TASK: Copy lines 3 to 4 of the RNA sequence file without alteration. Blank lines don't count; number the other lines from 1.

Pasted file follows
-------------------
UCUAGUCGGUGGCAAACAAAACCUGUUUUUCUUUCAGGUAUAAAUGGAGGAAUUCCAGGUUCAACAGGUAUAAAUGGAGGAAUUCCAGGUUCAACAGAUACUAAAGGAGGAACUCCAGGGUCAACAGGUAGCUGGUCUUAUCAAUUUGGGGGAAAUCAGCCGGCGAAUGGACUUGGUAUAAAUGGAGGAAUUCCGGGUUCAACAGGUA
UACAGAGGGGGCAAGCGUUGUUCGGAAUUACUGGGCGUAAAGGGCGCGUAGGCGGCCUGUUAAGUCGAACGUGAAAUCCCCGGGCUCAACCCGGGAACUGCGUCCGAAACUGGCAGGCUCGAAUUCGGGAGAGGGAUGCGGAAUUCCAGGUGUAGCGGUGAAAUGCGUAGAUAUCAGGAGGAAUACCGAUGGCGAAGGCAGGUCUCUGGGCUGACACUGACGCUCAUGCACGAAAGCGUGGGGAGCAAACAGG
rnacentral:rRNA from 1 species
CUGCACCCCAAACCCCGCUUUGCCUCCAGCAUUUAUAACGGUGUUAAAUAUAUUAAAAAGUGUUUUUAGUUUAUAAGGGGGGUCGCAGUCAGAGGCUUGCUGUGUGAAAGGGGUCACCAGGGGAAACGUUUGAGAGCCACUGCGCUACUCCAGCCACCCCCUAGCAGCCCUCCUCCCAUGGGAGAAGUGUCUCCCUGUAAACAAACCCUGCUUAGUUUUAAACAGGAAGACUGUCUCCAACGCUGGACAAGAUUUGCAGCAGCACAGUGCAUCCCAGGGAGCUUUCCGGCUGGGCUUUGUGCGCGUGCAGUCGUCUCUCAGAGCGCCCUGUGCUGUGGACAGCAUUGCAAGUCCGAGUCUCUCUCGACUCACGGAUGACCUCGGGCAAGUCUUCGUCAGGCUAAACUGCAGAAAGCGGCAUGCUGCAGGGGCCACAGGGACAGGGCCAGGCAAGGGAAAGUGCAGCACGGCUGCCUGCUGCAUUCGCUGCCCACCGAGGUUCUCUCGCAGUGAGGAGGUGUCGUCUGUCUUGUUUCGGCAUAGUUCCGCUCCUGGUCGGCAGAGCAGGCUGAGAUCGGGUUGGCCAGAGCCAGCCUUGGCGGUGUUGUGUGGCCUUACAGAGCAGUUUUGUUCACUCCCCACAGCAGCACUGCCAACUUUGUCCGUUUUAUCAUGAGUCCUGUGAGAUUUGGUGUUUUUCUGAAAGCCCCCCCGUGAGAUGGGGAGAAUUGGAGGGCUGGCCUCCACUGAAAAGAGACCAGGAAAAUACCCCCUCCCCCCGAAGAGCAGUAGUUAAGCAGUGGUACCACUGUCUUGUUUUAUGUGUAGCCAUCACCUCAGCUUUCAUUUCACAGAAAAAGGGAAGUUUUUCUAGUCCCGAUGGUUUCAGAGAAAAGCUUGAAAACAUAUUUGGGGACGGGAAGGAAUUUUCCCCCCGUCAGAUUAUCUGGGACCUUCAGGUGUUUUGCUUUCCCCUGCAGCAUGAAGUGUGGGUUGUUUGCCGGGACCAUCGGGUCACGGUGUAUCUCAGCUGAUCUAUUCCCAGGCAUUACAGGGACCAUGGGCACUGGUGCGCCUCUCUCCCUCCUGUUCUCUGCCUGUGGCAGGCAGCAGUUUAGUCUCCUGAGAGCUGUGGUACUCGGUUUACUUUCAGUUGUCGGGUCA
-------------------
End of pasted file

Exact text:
rnacentral:rRNA from 1 species
CUGCACCCCAAACCCCGCUUUGCCUCCAGCAUUUAUAACGGUGUUAAAUAUAUUAAAAAGUGUUUUUAGUUUAUAAGGGGGGUCGCAGUCAGAGGCUUGCUGUGUGAAAGGGGUCACCAGGGGAAACGUUUGAGAGCCACUGCGCUACUCCAGCCACCCCCUAGCAGCCCUCCUCCCAUGGGAGAAGUGUCUCCCUGUAAACAAACCCUGCUUAGUUUUAAACAGGAAGACUGUCUCCAACGCUGGACAAGAUUUGCAGCAGCACAGUGCAUCCCAGGGAGCUUUCCGGCUGGGCUUUGUGCGCGUGCAGUCGUCUCUCAGAGCGCCCUGUGCUGUGGACAGCAUUGCAAGUCCGAGUCUCUCUCGACUCACGGAUGACCUCGGGCAAGUCUUCGUCAGGCUAAACUGCAGAAAGCGGCAUGCUGCAGGGGCCACAGGGACAGGGCCAGGCAAGGGAAAGUGCAGCACGGCUGCCUGCUGCAUUCGCUGCCCACCGAGGUUCUCUCGCAGUGAGGAGGUGUCGUCUGUCUUGUUUCGGCAUAGUUCCGCUCCUGGUCGGCAGAGCAGGCUGAGAUCGGGUUGGCCAGAGCCAGCCUUGGCGGUGUUGUGUGGCCUUACAGAGCAGUUUUGUUCACUCCCCACAGCAGCACUGCCAACUUUGUCCGUUUUAUCAUGAGUCCUGUGAGAUUUGGUGUUUUUCUGAAAGCCCCCCCGUGAGAUGGGGAGAAUUGGAGGGCUGGCCUCCACUGAAAAGAGACCAGGAAAAUACCCCCUCCCCCCGAAGAGCAGUAGUUAAGCAGUGGUACCACUGUCUUGUUUUAUGUGUAGCCAUCACCUCAGCUUUCAUUUCACAGAAAAAGGGAAGUUUUUCUAGUCCCGAUGGUUUCAGAGAAAAGCUUGAAAACAUAUUUGGGGACGGGAAGGAAUUUUCCCCCCGUCAGAUUAUCUGGGACCUUCAGGUGUUUUGCUUUCCCCUGCAGCAUGAAGUGUGGGUUGUUUGCCGGGACCAUCGGGUCACGGUGUAUCUCAGCUGAUCUAUUCCCAGGCAUUACAGGGACCAUGGGCACUGGUGCGCCUCUCUCCCUCCUGUUCUCUGCCUGUGGCAGGCAGCAGUUUAGUCUCCUGAGAGCUGUGGUACUCGGUUUACUUUCAGUUGUCGGGUCA